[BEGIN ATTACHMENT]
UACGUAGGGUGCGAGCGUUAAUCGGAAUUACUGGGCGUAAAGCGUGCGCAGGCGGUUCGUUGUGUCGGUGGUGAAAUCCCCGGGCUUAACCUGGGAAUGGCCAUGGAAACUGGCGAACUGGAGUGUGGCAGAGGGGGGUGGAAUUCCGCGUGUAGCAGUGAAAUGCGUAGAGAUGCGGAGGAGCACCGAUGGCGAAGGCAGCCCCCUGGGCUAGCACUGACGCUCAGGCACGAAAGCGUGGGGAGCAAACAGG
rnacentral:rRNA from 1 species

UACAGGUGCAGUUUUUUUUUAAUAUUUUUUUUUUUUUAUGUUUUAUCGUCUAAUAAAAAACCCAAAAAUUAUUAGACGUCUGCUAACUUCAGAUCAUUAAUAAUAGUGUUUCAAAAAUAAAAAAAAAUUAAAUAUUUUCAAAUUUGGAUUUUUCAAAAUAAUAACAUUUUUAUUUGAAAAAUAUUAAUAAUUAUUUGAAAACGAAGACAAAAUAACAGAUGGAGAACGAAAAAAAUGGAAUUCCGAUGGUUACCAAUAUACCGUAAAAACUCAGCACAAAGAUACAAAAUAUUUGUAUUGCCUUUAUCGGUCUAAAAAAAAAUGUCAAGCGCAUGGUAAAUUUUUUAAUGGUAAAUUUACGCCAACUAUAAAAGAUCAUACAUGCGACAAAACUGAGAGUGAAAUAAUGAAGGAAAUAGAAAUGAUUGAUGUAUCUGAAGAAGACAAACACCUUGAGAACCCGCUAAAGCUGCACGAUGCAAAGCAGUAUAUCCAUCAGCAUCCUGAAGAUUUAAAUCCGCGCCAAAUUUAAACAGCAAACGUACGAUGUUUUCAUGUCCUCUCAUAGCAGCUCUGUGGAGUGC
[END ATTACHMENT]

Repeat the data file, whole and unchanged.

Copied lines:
UACGUAGGGUGCGAGCGUUAAUCGGAAUUACUGGGCGUAAAGCGUGCGCAGGCGGUUCGUUGUGUCGGUGGUGAAAUCCCCGGGCUUAACCUGGGAAUGGCCAUGGAAACUGGCGAACUGGAGUGUGGCAGAGGGGGGUGGAAUUCCGCGUGUAGCAGUGAAAUGCGUAGAGAUGCGGAGGAGCACCGAUGGCGAAGGCAGCCCCCUGGGCUAGCACUGACGCUCAGGCACGAAAGCGUGGGGAGCAAACAGG
rnacentral:rRNA from 1 species

UACAGGUGCAGUUUUUUUUUAAUAUUUUUUUUUUUUUAUGUUUUAUCGUCUAAUAAAAAACCCAAAAAUUAUUAGACGUCUGCUAACUUCAGAUCAUUAAUAAUAGUGUUUCAAAAAUAAAAAAAAAUUAAAUAUUUUCAAAUUUGGAUUUUUCAAAAUAAUAACAUUUUUAUUUGAAAAAUAUUAAUAAUUAUUUGAAAACGAAGACAAAAUAACAGAUGGAGAACGAAAAAAAUGGAAUUCCGAUGGUUACCAAUAUACCGUAAAAACUCAGCACAAAGAUACAAAAUAUUUGUAUUGCCUUUAUCGGUCUAAAAAAAAAUGUCAAGCGCAUGGUAAAUUUUUUAAUGGUAAAUUUACGCCAACUAUAAAAGAUCAUACAUGCGACAAAACUGAGAGUGAAAUAAUGAAGGAAAUAGAAAUGAUUGAUGUAUCUGAAGAAGACAAACACCUUGAGAACCCGCUAAAGCUGCACGAUGCAAAGCAGUAUAUCCAUCAGCAUCCUGAAGAUUUAAAUCCGCGCCAAAUUUAAACAGCAAACGUACGAUGUUUUCAUGUCCUCUCAUAGCAGCUCUGUGGAGUGC